Wednesday, February 9, 2011

The Odd, the Absurd, and the Embarrassing

Being a tall white farang living in Northern Thailand odd things are normal (I might go as far as to say normal things have become odd). Here are just a few examples of the bizarre quirks of everyday living, and more than one instance of me making a fool of myself (something I assure you happens to me regularly).

1. I will never cease to be amazed and amused by the fashion of Chiang Mai (and indeed Chiang Mai is very fashionable). Most recently I have spotted: pink ruffled shoulder pads that resemble new-age armor and a black and white polka dotted one piece.

2. This is a story that I alluded to months ago, but figured it also belonged here. While driving back late from a dinner party my bike happened to be caught up in the fiercest windstorm I have experience in Thailand. Dust, leaves, and twigs were flying everywhere, but the real measure of the storms strength was that it was able to untie the back of my dress. Normally I would discretely pull off to the shoulder and put myself back together, but that night I happened to be intently following a friend so as to find my way back to my side of town. Thus I was forced to drive one-handed through the outskirts of Chiang Mai with my other hand on my back attempting to remain fully clothed.

3. About halfway through the school year the following sign was taped up over the toilet in the female teachers' bathroom at CMU. “Due to poor ventilation we request no heavy duty use here.”

4. My apartment building has a very kind small Thai woman called Broom Loom (loom means wind in Thai), who sits in the front office every day. And every day I wai her, but sometimes our conversations attempt to go farther. This is greatly hindered by my mediocre Thai and her non-existent English. Suffice to say our conversations never last long, they are however great incentives to keep studying. My favorite encounter was when once I couldn’t understand her (as per normal) and so she proceeded to write out in Thai what she was trying to tell me…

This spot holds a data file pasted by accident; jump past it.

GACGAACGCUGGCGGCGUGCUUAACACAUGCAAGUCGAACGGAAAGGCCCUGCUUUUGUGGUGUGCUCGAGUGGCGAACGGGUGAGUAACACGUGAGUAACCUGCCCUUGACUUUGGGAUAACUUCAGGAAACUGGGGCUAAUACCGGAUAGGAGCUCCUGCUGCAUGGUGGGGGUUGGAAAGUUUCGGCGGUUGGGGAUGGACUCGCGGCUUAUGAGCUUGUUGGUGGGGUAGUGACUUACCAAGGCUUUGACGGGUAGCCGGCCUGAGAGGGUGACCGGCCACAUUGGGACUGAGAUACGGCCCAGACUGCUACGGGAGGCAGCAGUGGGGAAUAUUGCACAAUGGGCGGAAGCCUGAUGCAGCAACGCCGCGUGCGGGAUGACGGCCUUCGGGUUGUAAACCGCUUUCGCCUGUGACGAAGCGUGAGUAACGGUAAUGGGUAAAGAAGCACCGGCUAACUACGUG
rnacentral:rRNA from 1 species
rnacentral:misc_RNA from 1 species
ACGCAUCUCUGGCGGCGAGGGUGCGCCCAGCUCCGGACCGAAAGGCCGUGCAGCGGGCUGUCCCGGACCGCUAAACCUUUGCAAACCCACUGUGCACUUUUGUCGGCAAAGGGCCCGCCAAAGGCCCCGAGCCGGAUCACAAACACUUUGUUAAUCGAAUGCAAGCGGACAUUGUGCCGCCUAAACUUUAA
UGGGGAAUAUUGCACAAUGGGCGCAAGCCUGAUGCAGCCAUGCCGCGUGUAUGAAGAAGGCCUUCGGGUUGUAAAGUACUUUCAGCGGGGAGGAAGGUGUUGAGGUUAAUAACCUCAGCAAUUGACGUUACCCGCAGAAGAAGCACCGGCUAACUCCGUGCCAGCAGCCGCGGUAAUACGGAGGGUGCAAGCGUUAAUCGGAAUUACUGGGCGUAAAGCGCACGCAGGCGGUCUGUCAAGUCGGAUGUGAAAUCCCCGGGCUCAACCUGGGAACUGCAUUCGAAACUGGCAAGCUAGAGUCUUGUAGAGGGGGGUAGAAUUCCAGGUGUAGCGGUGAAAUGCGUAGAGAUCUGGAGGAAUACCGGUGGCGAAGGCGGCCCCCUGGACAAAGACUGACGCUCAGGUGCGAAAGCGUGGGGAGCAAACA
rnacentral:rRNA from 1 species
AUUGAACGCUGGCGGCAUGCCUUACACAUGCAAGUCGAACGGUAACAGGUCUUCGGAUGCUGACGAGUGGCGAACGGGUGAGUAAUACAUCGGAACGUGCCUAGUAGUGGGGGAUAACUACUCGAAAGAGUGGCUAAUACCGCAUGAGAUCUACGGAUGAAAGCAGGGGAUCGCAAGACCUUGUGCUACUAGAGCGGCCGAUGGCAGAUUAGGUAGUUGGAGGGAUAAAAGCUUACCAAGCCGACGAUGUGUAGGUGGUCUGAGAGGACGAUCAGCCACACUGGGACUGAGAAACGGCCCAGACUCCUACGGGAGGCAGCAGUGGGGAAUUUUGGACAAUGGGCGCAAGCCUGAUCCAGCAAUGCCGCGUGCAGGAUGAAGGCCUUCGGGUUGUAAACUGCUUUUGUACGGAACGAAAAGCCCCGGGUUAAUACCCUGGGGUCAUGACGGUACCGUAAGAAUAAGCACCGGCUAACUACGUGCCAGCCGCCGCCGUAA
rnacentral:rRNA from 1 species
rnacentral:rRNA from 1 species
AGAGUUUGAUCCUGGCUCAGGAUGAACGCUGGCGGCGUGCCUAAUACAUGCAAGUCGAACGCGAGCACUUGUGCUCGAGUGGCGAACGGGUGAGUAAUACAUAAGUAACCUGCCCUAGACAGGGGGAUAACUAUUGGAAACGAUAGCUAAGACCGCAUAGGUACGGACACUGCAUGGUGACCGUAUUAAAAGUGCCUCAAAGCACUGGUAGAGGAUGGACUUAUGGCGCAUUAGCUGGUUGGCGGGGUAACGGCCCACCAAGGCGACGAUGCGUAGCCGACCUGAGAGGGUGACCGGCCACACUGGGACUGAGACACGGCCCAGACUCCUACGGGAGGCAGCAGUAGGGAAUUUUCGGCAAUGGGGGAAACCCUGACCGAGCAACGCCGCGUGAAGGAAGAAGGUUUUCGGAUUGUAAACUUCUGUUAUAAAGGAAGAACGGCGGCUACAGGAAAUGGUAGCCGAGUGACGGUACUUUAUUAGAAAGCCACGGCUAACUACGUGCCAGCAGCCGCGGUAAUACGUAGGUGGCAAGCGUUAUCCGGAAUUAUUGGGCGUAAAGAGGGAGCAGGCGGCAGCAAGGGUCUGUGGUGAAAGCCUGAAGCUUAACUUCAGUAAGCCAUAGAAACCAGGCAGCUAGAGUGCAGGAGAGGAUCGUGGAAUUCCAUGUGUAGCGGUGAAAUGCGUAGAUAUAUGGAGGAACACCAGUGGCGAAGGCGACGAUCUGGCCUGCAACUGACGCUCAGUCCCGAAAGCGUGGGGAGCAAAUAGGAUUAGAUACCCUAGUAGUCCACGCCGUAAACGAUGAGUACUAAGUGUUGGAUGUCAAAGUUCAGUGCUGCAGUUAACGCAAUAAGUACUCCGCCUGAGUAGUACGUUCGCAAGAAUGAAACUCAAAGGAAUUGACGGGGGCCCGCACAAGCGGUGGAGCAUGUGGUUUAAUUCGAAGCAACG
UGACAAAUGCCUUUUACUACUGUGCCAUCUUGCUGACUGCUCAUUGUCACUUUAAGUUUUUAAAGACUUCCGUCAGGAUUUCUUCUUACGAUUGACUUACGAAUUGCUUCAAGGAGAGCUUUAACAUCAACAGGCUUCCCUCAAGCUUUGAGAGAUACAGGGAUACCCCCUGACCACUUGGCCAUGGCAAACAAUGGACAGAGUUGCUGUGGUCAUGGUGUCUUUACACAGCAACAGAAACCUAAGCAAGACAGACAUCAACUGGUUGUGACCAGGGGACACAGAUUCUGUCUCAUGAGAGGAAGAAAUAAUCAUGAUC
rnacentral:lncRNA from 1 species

5. 7-Elevens are rampant in Thailand. Indeed they are so numerous that it is not uncommon to stand on the steps of one and look through the front door of another across the street. Struck by the excess experienced in Bangkok I decided to do a little research. There are approximately 5,700 7-Elevens in the country (apparently half of which reside in the capital alone). The population of Thailand is currently at roughly 68,000,000. Lets assume that there are approximately ten people employed in some capacity at each 7-Eleven. That could suggest that roughly 1 in 1000 Thais works for the 7-Eleven corporation.

6. There is no official transliteration from Thai to English. This leads to numerous complications, one of which is the pronunciation of Thai-English nicknames. Take for instance one of my students who spells her name M – I – L – D. How would you pronounce that? If you are a native English speaker, then chances are you pronounce it like the adjective that describe things that are not too strong. Unfortunately you are wrong – its actually pronounced like the English word “My”. Ok that’s not that bad you might say and it really isn’t…for the most part. But you have to be careful, as students will not always correct your butchering of their names, despite their corruption of conventional English pronunciation. I have a student in one of my classes that spells her name: Koi. Take a moment to sound that name out. Now imagine me doing that for most of a semester. Well its unfortunately not pronounced Koi, but rather “Goi”. Close you might say, forgivable… yes for many names it might be…it just happens that my pronunciation translates into Thai as “dick”…oy vey!

7. At English camp two weekends ago I happened to be on the losing side of a game and was obliged to cover my teeth with strips of deep green seaweed and smile broadly for a picture.

8. Kitiporn - a very popular Thai name with a very unfortunate English meaning.

9. After nine months I appear to have taken to heart the Thai attitude of sabai. While driving on the highway a couple of weeks back my left-hand mirror flew off. In past times, or in past places this loss of my motorbike's mirror would have caused me some alarm, or perhaps at least a touch of concern. Past selves would have pulled over to the side of the road in an attempt to retrieve it while dodging speeding cars. Even if I didn’t stop I would have, in another mindset, considered such possibilities. None of this happened. I did not dart between traffic, I did not pull over, I did not even turn back and ponder its loss wistfully. Instead my stream of consciousness when something like this: “I love driving. Oh wait was that my mirror that flew off? That was indeed my mirror that flew off. Hmm that’s interesting. Actually that’s sort of funny. Ok more importantly where is the turn I need to take to meet my friend?”

10. After careful observation I have determined that back bumpers and license plate decorations come in two, seemingly opposing, flavors - either Hello Kitty or the Playboy Bunny. Occasionally I have seen both adorning a single car. But none of these can top the exhaust pipe we discovered the other night while pulling out of the parking lot...

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